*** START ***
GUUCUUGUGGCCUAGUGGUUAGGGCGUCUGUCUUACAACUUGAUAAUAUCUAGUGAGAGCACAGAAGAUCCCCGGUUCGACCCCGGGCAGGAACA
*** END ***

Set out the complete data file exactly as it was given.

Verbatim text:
GUUCUUGUGGCCUAGUGGUUAGGGCGUCUGUCUUACAACUUGAUAAUAUCUAGUGAGAGCACAGAAGAUCCCCGGUUCGACCCCGGGCAGGAACA